Saturday matinee – Babette’s Feast

One of my all time favourites!

Babette’s Feast (Danish: Babettes gæstebud) is a 1987 Danish film directed by Gabriel Axel. The film’s screenplay was written by Gabriel Axel based on the story by Isak Dinesen (Karen Blixen).  It was the first Danish film to win the Academy Award for Best Foreign Language Film.

In 19th century Denmark, two adult sisters live in a tiny, isolated village with their father, who is the pastor of a small, austere, Protestant church that is almost a sect unto itself. Although they each experience romance, and are presented with a real opportunity to leave the village, the sisters choose to stay with their father, to serve him and their church.

After their father dies, a French refugee, Babette, arrives at their door, begs them to take her in, and commits herself to work for them as maid / housekeeper / cook.

Some fourteen years later, the sisters decide to hold a dinner to commemorate the 100th anniversary of their father’s birth. Babette implores the sisters to allow her to take charge of the preparation of the meal. Although they are secretly concerned about what Babette, a Catholic and a foreigner, might do, the sisters allow her to go ahead.

Babette, having come into a bit of fortune, travels to France for the ingredients.  As the various never-before-seen ingredients arrive, and preparations commence, the sisters begin to worry that the meal will be, at best, a great sin of sensual luxury, and at worst some form of devilry or witchcraft. In a hasty, tearful conference, the sisters and the congregation agree to eat the meal, but to forego any pleasure in it, and vow to make no mention of the food during the entire dinner.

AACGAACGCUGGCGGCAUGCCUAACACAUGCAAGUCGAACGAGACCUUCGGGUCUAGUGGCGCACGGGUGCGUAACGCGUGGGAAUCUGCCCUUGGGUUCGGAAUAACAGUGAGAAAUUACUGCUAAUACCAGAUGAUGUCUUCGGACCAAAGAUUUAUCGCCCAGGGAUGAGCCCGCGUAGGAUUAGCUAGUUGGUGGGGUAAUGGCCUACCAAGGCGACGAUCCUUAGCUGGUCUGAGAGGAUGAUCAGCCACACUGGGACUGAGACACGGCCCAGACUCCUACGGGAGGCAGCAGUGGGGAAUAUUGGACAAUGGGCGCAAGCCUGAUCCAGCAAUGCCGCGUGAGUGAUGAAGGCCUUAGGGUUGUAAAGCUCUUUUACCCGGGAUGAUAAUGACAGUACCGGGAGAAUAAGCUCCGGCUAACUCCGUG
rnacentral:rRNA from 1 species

The only one not aware of this vow, one sister’s former suitor – now a famous general married to a member of the Queen’s court – arrives as one of the guests (his aunt is the local lady of the manor and a member of the old pastor’s congregation).  All his attempts to speak about the magnificent meal are rebuffed or ignored.

But the extraordinary meal by an artist of a chef, not to mention the highest quality wine (they assume it’s some kind of fruit juice…), breaks down all inhibitions, and the bitter, stern, constantly quarreling diners become mellow, loving, forgiving, it raises their spirits to the point that after the meal they grasp hands and dance in a circle in the moonlight.

This clip shows only a portion of that meal.  A scene that is subtle, classic, and wonderfully funny.

Have you had a special meal that was like “a love affair”?


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